Tuesday, February 11, 2014

Ohio Supreme Court rules establishing limits on tracking device warrants


 The Columbus Dispatch yesterday observed “Ohio law is playing catch-up with the increasing police practice of secretly installing GPS devices on suspects’ vehicles to track their travels and potentially crack crimes,” noting that Fairfield County Prosecutor Gregg Marx and Franklin County Prosecutor Ron O’Brien wanting the Ohio Supreme Court to overturn an appeals court ruling that suppressed evidence against two home-invasion robbers because GPS units were used and clarify state law on law-enforcement use of the devices to remotely follow criminal suspects, and that changes were being proposed to Ohio court rules directly addressing search warrants being needed to install tracking devices. The rules currently make no distinction between warrants to search property or track vehicles.”

  The cases described are those of Montie E. Sullivan and David L. White, whose cases began judges in Franklin and Fairfield counties having suppressed some of the evidence against two men accused of robbery because deputies placed a GPS device on one of their cars without obtaining a warrant. Prosecutors in both counties appealed the trial court’s rulings which had been based on the Supreme Court’s 2012 holding in United States v. Jones, that installing a Global Positioning System (GPS) tracking devices on vehicles and using the device to monitor the vehicle's movements constitutes a search under the Fourth Amendment, with the Fifth Circuit Court of Appeals upholding the trial courts in both cases. [ See State v. Sullivan, 13-CA-10, 2013-Ohio-5276  and State v. White, 13-CA-11,2013- 5221 ].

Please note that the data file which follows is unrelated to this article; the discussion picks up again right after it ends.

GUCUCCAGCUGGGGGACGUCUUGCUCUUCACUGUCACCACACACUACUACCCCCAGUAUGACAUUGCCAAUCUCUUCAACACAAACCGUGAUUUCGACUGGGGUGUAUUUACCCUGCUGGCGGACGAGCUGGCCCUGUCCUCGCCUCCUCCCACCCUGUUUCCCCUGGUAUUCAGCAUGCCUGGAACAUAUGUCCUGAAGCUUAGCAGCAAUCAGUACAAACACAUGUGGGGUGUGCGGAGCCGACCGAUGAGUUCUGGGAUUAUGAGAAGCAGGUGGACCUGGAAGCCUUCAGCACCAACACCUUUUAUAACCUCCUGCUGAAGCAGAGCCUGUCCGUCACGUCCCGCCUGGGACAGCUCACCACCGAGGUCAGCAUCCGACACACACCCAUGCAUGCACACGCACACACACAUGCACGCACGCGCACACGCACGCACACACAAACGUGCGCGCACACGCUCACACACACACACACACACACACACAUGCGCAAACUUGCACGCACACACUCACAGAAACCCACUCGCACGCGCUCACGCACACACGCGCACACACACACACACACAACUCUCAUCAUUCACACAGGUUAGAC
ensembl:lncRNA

The Courts’ news service last week announced the Court was “proposing amendments to the Rules of Practice and Procedure to specifically address search warrants for tracking devices,” noting specifically that “the current Criminal Rule 41  does not make a distinction between searching property and installing a tracking device, and the new rules would establish important limits in this area.”

  Public comment on the proposed amendments will be accepted until March 5, with the Supreme Court being able to revise and file them with the General Assembly before May 1st.  Comments should be directed in writing to Jo Ellen Cline, Government Relations Counsel, Supreme Court of Ohio, 65 South Front Street, 7th Floor, Columbus, Ohio 43215-3431 or j.cline@sc.ohio.gov  and include your full name and regular mailing address in any comment submitted by e-mail. Copies of all comments submitted will be provided to each member of the Commission on the Rules of Practice and Procedure and each Justice of the Supreme Court.

Language of all Proposed Amendments

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